Former Italy coach Giovanni Trapattoni is hoping fans will look back on his reign more favourably after the arrest of former referee Byron Moreno in New York.
The Ecuadorean, blamed by Italian fans for the Azzurri’s elimination from the 2002 World Cup, was caught on Monday at John F. Kennedy Airport with bags of heroin, according to U.S. federal prosecutors. A judge jailed Moreno without bail on a drug smuggling charge.
Moreno sent off Francesco Totti for an alleged dive 13 minutes into extra-time in the second round of the 2002 World Cup, and South Korea went on to score a later winner.
“I saw even before going out onto the pitch against South Korea that it wasn’t going to go well with the referee,” Trapattoni said. “Now maybe Trapattoni’s reign on Italy’s bench will be read under a different light.”
“The facts now are so serious that they speak for themselves,” Trapattoni added.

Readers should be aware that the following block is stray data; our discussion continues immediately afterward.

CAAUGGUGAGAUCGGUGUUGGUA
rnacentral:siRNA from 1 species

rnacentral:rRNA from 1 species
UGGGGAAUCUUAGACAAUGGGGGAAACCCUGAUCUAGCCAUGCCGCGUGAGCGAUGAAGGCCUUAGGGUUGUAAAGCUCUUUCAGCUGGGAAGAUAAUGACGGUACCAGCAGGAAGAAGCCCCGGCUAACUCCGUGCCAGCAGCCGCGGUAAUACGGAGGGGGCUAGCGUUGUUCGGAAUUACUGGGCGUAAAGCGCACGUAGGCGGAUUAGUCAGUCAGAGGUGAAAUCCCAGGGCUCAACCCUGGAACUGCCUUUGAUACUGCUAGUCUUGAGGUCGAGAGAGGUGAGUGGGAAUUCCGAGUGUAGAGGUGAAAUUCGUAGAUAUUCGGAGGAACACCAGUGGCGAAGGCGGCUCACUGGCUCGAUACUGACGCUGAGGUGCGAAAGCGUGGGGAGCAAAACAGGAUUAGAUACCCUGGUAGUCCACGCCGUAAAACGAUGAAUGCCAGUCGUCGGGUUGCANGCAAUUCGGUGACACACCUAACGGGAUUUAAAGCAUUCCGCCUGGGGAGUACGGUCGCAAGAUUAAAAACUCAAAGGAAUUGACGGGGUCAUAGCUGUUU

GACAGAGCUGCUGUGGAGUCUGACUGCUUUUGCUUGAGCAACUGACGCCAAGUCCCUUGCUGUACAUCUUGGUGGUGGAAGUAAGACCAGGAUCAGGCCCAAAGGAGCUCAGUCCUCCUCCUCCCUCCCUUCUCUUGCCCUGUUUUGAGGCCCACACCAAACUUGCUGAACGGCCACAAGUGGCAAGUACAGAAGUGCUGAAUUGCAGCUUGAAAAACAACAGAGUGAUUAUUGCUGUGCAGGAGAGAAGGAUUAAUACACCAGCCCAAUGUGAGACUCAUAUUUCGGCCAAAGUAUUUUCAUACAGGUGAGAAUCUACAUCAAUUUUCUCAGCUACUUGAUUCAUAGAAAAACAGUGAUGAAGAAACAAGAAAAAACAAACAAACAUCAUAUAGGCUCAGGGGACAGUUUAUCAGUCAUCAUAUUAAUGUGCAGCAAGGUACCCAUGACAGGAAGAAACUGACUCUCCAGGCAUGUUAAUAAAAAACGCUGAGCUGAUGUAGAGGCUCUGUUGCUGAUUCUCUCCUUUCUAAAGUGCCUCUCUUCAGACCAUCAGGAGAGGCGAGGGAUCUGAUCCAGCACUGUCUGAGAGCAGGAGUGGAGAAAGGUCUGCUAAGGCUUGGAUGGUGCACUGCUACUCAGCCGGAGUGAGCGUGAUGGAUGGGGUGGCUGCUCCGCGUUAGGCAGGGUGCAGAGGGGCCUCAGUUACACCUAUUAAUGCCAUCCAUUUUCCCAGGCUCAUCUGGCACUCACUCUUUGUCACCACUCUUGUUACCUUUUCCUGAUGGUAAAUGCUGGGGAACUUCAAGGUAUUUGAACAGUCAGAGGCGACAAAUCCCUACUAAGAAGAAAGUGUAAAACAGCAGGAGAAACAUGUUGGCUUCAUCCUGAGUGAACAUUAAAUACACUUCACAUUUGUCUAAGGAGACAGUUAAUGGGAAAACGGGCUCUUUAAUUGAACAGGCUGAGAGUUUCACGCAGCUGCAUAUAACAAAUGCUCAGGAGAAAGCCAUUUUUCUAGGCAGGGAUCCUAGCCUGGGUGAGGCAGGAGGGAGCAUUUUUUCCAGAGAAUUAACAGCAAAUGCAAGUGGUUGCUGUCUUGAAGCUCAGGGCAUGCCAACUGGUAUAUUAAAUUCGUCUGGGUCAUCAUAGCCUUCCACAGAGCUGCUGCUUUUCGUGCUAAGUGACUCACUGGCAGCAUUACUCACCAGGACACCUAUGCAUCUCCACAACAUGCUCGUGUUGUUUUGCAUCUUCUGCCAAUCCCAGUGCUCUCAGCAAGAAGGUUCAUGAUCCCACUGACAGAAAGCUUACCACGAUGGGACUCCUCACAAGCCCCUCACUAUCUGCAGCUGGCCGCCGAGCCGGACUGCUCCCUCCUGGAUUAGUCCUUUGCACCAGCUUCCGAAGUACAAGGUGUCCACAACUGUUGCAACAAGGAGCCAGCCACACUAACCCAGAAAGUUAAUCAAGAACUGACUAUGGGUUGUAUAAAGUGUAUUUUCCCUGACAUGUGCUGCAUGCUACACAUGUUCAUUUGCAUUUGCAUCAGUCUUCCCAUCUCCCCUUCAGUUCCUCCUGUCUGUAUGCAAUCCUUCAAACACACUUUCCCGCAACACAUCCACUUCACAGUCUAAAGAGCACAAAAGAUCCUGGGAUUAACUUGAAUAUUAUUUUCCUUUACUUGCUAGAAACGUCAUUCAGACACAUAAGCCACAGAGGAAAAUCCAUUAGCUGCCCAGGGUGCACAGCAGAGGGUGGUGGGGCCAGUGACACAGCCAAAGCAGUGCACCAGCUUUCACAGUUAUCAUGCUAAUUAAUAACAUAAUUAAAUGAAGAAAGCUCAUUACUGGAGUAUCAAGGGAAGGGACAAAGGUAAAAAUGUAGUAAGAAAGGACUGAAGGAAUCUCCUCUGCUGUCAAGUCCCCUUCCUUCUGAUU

Franco Carraro, an International Olympic Committee member and Italy’s football federation president at the time of the South Korea game, said the arrest proves Moreno had problems.
“I fear that drugs didn’t have much to do with what Moreno did in the 2002 Italy-South Korea game,” Carraro said. “His refereeing was atrocious, perhaps for inability, but more probably for other reasons.”
Ted Howard, the CONCACAF secretary general who serves on FIFA’s referees committee, said the committee likely would not look into the matter.
“It would be another body within FIFA,” he said. “We’re not really an investigative body.”
Nestor Benitez, spokesman for the South American governing body CONMEBOL, said Moreno’s arrest was a personal matter.
“Byron Moreno’s conduct is his own,” Benitez said. “It has nothing to do with football or CONMEBOL.”